3 March 1952. A large meteorite hits Washington, D.C., wipes out most of the East Coast of the United States, and deals massive economic and emotional shocks to the entire world. The amount of ejecta in the atmosphere also triggers abrupt climate change: first, a years-long winter to be followed by global heating so drastic an extinction event is almost guaranteed. The only way the human race can survive is to get off planet.
In the alternate history/science fiction novel The Calculating Stars by Mary Robinette Kowal, the meteorite strike jump-starts the fledging space program. Former ace World War II WASP (Women Airforce Service Pilots) Elma York itches to be an astronaut, but has obstacles put in her way by the men who don’t want women in the space program. (There’s plenty of racism, too, and the Black WASPs are dealt a double whammy.) Elma eventually wins her spot because not only is she a crack pilot, she’s also a math wiz—one of the female computers doing the behind-the-scenes work before electronic computers were developed.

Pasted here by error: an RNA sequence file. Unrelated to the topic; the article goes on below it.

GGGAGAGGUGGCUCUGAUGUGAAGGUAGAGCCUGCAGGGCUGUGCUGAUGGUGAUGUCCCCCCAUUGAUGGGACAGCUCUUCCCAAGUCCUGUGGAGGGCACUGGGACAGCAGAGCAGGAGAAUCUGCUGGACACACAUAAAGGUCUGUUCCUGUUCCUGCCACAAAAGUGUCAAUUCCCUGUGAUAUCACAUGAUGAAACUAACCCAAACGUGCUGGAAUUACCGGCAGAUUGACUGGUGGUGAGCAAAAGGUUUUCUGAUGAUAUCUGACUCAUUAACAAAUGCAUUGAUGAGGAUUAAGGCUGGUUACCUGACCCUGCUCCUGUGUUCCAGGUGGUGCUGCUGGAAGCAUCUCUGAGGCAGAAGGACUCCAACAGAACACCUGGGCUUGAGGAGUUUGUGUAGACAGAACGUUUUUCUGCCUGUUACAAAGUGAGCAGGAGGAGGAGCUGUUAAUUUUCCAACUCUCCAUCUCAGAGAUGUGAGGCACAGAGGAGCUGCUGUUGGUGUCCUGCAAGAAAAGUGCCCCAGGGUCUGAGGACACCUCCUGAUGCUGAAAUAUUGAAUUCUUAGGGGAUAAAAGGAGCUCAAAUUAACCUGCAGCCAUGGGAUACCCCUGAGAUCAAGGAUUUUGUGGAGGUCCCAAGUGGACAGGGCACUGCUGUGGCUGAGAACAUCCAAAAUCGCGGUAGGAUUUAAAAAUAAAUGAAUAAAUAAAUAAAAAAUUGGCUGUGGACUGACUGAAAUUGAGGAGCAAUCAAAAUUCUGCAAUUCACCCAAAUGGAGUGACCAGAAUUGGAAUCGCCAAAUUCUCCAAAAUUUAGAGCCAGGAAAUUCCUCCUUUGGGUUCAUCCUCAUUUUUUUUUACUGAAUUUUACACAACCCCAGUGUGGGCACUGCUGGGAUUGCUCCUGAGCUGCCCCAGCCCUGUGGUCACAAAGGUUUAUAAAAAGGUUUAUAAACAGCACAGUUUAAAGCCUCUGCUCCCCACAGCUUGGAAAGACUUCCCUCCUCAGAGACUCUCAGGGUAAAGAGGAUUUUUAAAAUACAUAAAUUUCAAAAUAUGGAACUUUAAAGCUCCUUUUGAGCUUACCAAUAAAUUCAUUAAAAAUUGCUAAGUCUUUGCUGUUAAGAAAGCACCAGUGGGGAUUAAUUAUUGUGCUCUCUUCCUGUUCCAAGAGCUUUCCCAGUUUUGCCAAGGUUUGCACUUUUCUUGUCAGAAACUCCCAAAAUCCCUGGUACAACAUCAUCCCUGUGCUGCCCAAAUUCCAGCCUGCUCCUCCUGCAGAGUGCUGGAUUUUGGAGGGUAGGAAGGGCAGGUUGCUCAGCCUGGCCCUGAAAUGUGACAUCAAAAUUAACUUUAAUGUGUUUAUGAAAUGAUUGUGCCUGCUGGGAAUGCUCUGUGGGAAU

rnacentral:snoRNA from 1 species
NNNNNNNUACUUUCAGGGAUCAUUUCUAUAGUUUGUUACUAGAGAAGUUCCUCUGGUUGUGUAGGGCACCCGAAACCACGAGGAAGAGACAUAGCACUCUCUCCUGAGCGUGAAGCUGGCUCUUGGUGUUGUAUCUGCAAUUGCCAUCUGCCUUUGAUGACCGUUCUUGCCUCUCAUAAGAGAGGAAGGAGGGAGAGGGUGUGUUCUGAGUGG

The Calculating Stars, the 2019 Hugo award winner for Best Novel, is the first book in the Lady Astronaut series. I actually like the third book, The Relentless Moon, better, but more about that in some later post. The series takes us back to the early days of the United States’ space program, with social justice issues at the forefront. We are given a woman’s view of the overlooked computers and non-White/non-male pilots—all people who are given short shrift in books like The Right Stuff.
The book is at its best when focusing on the actual space program: in one particularly memorable sequence Elma has to practice an underwater escape from simulated wreckage in icy conditions, while being required to wear a bikini to keep the attention of the watching press corps. I wish the book had given us more of that (the training, not the bikini) and less of Elma’s personal demons; overcoming the real scientific and technological problems involved would include drama enough. The biggest beef I had with it was that by keeping a narrow focus on the main character’s mental-health issues, it didn’t engage with what could have been a much grander, more epic story.
It also dragged in the middle section, and I could have done without the wince-inducing romantic clinches with Elma’s too-good-to-be-real husband.
Overall, I wanted to like this book more than I actually did, but it’s still not a bad start to a series that improves as it goes on.
Trigger warnings: sexism, racism, lame sex scenes.